FM 21-11 First Aid for Soldiers: Chapter 2

Basic Measures for First Aid

Headquarters, Department of the Army, Washington, D.C., October 27, 1988
Peer Review Status: Internally Peer Reviewed


INTRODUCTION
Several conditions which require immediate attention are: an inadequate airway, lack of breathing or lack of heartbeat, and excessive loss of blood. A casualty without a clear airway or who is not breathing may die from lack of oxygen. Excessive loss of blood may lead to shock, and shock can lead to death; therefore, you must act immediately to control the loss of blood. All wounds are considered to be contaminated, since infection-producing organisms (germs) are always present on the skin, on clothing, and in the air. Any missile or instrument causing the wound pushes or carries the germs into the wound. Infection results as these organisms multiply. That a wound is contaminated does not lessen the importance of protecting it from further contamination. You must dress and bandage a wound as soon as possible to prevent further contamination. It is also important that you attend to any airway, breathing, or bleeding problem IMMEDIATELY because these problems may become life-threatening.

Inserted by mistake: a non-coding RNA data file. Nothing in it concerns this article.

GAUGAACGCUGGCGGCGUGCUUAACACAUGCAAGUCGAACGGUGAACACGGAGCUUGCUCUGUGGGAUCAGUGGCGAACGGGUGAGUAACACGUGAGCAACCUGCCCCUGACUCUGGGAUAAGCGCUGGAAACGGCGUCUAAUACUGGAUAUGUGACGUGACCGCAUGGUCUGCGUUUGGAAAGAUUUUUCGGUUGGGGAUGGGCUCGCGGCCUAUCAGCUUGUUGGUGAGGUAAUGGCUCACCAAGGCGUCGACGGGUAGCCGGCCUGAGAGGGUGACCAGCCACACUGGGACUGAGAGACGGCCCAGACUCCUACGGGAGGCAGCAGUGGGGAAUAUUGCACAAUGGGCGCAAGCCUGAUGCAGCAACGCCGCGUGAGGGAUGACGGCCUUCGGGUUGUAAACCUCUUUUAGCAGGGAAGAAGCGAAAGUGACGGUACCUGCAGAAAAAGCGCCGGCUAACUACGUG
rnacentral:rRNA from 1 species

Section I. OPEN THE AIRWAY AND RESTORE BREATHING

*2-1. Breathing Process

All living things must have oxygen to live. Through the breathing process, the lungs draw oxygen from the air and put it into the blood. The heart then pumps the blood through the body to be used by the living cells which require a constant supply of oxygen. Some cells are more dependent on a constant supply of oxygen than others. Cells of the brain may die within 4 to 6 minutes without oxygen. Once these cells die, they are lost forever since they DO NOT regenerate. This could result in permanent brain damage, paralysis, or death.

2-2. Assessment (Evaluation) Phase (081-831-1000 and 081-831-1042)

a. Check for responsiveness (Figure 2-1A)--establish whether the casualty is conscious by gently shaking him and asking "Are you O.K.?"

b. Call for help (Figure 2-1B).

c. Position the unconscious casualty so that he is lying on his back and on a firm surface (Figure 2-1C) (081-831-1042).

WARNING (081-831-1042)
    If the casualty is lying on his chest (prone position), cautiously roll the casualty as
    a unit so that his body does not twist